Thank you for the pep talk, beer bottle. I'll be flying to Rome via Cairo on Sunday. Eff you Volcano. In other news, it's kumquat season! Stop by south slope if you'd like to try a fruit that feels exactly like being punched in the face!

Tuesday, April 20, 2010

Best Night Ever!

Last night I made brownies, and then I went over to the institution known as "MAMA's house," where they had strawberry rhubarb pie. I was offered some pie, but, thinking of my cooling brownies at home, and my fat gut, I declined. Trying to explain this bizarre behavior, I started off saying, "Two desserts in one night would be..." and the end of this sentence was kindly supplied for me: "...the best night ever!" They know me too well at MAMA's house.

I never did try the brownies because it was too late by the time I got home to be consuming five hundred calories in one go. Also, I made SEVERAL errors in the recipe, so I was not wholeheartedly eager to try what I can only refer to as a culinary experiment.

However, if the brownies end up all right, I have a second chance at The Best Night Ever, because today a freelance client brought me an apple pie. Please, witness the miracle of the apple pie:

Looking at this pie objectively I'm inclined to believe that it is probably the most delicious-looking apple pie I have -- nay, anyone! has -- ever encountered. I've already been spoiled for all future freelance projects. Now I fear I am spoiled for all future pie.

chats with small brother

Ivan's away message: Eyjafjallajökull, i love you but you're bringing me down.

two days later: Small Brother: lol i just realized that Eyjafjallajokull is the volcano
Ivan: seriously?
Small Brother: i just thought you were hitting random keys
Small Brother: i'm smart, i swear.

meanwhile: I think "foiled by volcanic ash" is the best excuse for missing work EVER.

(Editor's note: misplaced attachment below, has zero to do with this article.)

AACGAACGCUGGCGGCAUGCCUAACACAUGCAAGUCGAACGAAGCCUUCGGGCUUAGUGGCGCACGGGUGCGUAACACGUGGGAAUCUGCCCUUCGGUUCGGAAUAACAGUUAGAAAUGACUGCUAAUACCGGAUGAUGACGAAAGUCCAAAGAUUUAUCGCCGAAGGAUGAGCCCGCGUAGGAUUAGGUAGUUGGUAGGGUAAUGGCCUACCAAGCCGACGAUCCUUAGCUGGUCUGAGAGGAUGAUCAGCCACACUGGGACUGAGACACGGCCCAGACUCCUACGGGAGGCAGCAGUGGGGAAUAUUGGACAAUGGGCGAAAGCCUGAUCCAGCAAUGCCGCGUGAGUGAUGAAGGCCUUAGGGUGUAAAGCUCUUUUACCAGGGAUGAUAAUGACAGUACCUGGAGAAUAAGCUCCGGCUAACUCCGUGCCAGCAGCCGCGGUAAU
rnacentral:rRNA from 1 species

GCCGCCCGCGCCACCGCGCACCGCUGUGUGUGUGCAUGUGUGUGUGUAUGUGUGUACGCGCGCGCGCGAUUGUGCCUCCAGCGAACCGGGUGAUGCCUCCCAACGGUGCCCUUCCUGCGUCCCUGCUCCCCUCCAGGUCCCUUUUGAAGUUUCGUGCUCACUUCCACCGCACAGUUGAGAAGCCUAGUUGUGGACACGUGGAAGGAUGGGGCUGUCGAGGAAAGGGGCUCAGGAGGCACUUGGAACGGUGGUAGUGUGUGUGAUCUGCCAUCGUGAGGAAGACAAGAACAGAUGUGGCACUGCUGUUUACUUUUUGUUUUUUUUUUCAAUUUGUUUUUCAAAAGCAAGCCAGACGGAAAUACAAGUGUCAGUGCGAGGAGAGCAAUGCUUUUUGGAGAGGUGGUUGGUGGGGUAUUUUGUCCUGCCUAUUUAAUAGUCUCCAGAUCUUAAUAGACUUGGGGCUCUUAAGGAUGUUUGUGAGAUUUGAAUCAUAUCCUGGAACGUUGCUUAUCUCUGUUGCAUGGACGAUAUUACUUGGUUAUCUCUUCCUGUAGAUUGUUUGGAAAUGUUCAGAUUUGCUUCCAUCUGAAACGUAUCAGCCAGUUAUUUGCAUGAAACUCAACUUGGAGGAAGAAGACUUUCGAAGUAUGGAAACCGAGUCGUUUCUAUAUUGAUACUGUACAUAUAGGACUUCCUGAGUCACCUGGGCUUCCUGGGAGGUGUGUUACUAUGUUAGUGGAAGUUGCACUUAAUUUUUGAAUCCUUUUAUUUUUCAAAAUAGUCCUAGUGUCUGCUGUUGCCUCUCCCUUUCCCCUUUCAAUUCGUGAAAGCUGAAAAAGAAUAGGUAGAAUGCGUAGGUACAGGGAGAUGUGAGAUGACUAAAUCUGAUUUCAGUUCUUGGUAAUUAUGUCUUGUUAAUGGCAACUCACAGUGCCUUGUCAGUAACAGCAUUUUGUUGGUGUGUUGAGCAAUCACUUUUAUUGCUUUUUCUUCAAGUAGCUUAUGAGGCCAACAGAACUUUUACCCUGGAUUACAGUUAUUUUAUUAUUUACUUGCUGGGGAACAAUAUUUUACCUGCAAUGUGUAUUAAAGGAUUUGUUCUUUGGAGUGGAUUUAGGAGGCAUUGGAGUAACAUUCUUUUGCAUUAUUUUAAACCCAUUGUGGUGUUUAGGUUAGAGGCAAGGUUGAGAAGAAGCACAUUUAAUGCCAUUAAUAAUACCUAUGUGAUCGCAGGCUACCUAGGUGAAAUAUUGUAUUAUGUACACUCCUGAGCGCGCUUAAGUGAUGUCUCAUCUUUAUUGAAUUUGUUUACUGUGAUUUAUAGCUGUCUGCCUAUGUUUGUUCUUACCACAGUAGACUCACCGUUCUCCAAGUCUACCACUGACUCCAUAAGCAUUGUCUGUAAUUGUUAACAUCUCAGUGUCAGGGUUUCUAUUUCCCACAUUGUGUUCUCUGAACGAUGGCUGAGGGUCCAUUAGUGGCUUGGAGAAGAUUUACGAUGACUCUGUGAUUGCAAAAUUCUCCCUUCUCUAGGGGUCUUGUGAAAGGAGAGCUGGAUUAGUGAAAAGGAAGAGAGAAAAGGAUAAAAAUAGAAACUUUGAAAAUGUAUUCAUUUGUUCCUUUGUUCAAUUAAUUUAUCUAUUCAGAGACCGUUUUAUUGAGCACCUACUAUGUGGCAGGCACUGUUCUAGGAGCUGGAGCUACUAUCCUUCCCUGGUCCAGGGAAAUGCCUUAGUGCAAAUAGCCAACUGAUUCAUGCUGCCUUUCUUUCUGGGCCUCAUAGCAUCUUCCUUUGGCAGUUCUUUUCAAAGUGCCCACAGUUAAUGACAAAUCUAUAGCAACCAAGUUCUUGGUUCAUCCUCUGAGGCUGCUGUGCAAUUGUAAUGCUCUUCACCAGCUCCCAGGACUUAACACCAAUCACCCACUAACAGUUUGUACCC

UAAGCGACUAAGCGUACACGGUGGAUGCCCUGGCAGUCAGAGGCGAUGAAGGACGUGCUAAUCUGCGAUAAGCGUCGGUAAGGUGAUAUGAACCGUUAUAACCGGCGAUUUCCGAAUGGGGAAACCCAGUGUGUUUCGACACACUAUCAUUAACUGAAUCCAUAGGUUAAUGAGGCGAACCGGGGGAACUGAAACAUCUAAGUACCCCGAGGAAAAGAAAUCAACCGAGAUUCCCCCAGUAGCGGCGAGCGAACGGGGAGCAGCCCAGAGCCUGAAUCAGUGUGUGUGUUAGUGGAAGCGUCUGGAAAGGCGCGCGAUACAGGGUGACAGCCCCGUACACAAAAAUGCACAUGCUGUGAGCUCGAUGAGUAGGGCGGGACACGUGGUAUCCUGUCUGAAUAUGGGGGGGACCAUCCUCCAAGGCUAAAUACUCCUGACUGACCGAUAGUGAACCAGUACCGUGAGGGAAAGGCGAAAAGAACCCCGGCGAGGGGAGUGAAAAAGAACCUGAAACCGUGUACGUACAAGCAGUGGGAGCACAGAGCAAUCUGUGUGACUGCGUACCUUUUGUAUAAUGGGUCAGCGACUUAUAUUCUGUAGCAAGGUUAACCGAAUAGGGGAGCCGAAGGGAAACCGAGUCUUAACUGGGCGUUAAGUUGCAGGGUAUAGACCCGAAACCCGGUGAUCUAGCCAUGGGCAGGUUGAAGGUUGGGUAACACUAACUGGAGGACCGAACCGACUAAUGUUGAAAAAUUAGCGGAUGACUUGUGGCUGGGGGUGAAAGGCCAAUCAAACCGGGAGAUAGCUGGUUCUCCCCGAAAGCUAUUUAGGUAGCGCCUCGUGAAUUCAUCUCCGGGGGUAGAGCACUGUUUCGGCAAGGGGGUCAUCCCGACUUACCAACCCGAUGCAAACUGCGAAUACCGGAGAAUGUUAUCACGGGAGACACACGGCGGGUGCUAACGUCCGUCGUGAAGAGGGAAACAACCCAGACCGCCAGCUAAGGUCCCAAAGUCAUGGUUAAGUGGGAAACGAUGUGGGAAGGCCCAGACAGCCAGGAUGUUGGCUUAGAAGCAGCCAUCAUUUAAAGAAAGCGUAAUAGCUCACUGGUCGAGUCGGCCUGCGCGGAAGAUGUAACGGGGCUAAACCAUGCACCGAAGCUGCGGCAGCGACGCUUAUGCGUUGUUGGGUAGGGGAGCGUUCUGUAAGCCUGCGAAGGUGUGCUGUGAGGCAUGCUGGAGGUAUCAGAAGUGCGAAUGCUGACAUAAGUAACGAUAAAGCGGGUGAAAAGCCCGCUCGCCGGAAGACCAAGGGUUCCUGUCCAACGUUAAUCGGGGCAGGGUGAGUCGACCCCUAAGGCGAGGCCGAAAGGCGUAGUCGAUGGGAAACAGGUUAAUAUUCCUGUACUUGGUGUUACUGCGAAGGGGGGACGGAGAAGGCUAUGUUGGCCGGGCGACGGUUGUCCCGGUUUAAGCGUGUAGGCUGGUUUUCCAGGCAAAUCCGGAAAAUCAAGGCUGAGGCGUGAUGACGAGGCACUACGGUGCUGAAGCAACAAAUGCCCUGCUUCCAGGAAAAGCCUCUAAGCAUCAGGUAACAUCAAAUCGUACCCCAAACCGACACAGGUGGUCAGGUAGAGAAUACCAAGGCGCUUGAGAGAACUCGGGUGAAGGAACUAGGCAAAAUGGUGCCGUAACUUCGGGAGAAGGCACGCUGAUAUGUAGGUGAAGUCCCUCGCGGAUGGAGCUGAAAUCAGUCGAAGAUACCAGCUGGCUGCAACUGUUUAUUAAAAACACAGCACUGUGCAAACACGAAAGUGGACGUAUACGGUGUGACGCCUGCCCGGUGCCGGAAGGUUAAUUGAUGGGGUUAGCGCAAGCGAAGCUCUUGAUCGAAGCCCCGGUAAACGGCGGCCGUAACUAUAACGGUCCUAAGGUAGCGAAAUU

Friday, April 16, 2010


"Ivan! I've found him! Your new Italian boyfriend!"
Thanks, Luke.

Thursday, April 15, 2010

One More Thing Regarding Auden

You know that poem John Hannah reads in Four Weddings and a Funeral that turns you into a bawling mess every time you get to the funeral? Or am I the only one that still happens to? I also cry when Beth dies in Little Women. It gets sadder with repeat viewings. Anyway, that poem is called "Funeral Blues," and it's by our very own Wystan Hugh Auden. It's actually the third in a set of four poems entitled, "Four Cabaret Songs for Miss Hedli Anderson." (The poem I quoted from earlier was the second in that set.)

In spite of all the weeping, I have always been slightly suspicious of this poem as an expression of grief, because it's so melodramatic:

Stop all the clocks, cut off the telephone,
Prevent the dog barking with a juicy bone

The juicy bone is the first note that's off-key. In the following stanzas, everything is silenced but drums, a skywriter writes "He Is Dead" in the sky, ribbons are tied around the necks of doves, and traffic cops are made to wear black gloves. Eventually the planet, solar system, and entire universe are done away with. It is very sad and beautiful. It is a little bit funny. Do doves really require crêpe bows? Really?

It turns out the first two stanzas were written for a play Auden wrote with Isherwood called The Ascent of F6. F6 is a fictional mountain. (Not a bomber jet, as I was inclined to think.) Its name is presumably meant to evoke K2, which Auden's brother once climbed. He was a geologist. Fun fact! (Another fun fact: K2 is the second-highest and second-deadliest mountain in the world. You would think the deadliest would be Everest, but no! Annapurna has the highest fatality rate. On a related note, I happened to be the second of two K's at work and signed my e-mails as K2 for the duration of my employment. Every time someone died on K2 while I worked there, I felt responsible. But I digress.) In this play, the British government cajoles some climber to go up F6 and he gets killed from a surfeit of glory or something. I haven't actually read it. Point is, the poem that his distressed lover sings about this begins with the first two stanzas of "Funeral Blues."

Stop all the clocks, cut off the telephone,